Year-to-Year Analysis of Salary Survey Data Trends: 2012-2013

by Lyle Leritz, Ph.D. 2. July 2013 15:29


From October 2012 to April 2013, organizations throughout the U.S. and Canada submitted compensation data for use in ERI’s traditional industry-specific and job function salary surveys.   As we prepare to release the 2013 reports (available in August), let’s revisit a look at data trends from a year ago. Last year’s analysis showed that wage rates for 65% of the benchmark jobs increased from 2011 to 2012. Across the entire sample, the average change in salary was 3.6%. 

Moving forward, this analysis similarly compares salaries between 2012 and 2013 submissions to ERI Salary Surveys, for both nonprofit and for-profit reports. For each year, total averages were calculated by job title, and included all available data (that is, industry and area breakouts were ignored) to maximize sample size (similar to a national report).

The preliminary dataset included 993 job titles common to reports from both years. The 2012 data included data from 601 unique organizations, while the 2013 data included 578 unique organizations. Titles with fewer than 10 observations in either year were dropped from the analysis, resulting in 171 titles for comparison. In an effort to show meaningful patterns, the job titles were grouped into job families. Subsequent posts will examine administrative and computer occupations.

Wage rates for 53% of the benchmark jobs increased from 2012 to 2013. Across the entire sample, the average change in salary was 1%. Both of these represent slower growth than what we reported in 2012 and are a bit lower than expected given recent economic indicators of a recovering economy. One possible explanation is that after a few years of low wage growth, organizations were playing catch up in 2012. This is potentially supported by 2012 having more variability in wage growth than was seen in 2013.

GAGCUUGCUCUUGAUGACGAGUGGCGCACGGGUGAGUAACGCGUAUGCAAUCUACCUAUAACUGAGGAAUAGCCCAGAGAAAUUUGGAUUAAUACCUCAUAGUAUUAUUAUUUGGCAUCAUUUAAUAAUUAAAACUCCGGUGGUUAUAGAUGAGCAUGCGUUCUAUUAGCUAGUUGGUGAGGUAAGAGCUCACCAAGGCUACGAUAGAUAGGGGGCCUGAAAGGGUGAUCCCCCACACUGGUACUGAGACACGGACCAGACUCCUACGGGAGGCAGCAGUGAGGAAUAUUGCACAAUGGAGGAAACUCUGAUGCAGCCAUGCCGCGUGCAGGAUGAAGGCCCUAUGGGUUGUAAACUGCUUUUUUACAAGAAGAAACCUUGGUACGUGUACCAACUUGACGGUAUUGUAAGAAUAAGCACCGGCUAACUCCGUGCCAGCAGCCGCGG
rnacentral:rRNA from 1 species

Similar to the report from last year, we compared eight executive titles. As can be seen in the graphic below, organizations reported slightly higher salaries in 2013 for three of the eight executive titles, ranging from 2% to 6%. Survey results for Executive VP and Top Legal Officer showed substantial decreases in 2013. Chief Operating Officer remained unchanged.


Sample sizes for six positions increased in 2013, and one stayed the same. Only Executive VP saw a decrease in sample, which could contribute to the considerable drop in salary for this position. Matching individual salary changes across years is beyond the scope of the current analysis. Furthermore, while it may be possible to match organization submissions from year to year, it is not possible to ensure that the data corresponds to the same incumbent (also of note, constraining the analysis to the same organizations is not part of traditional survey methodology and doing so would further limit the sample). Nevertheless, such year-to-year comparisons do underscore the importance of understanding survey methodology and sample sizes.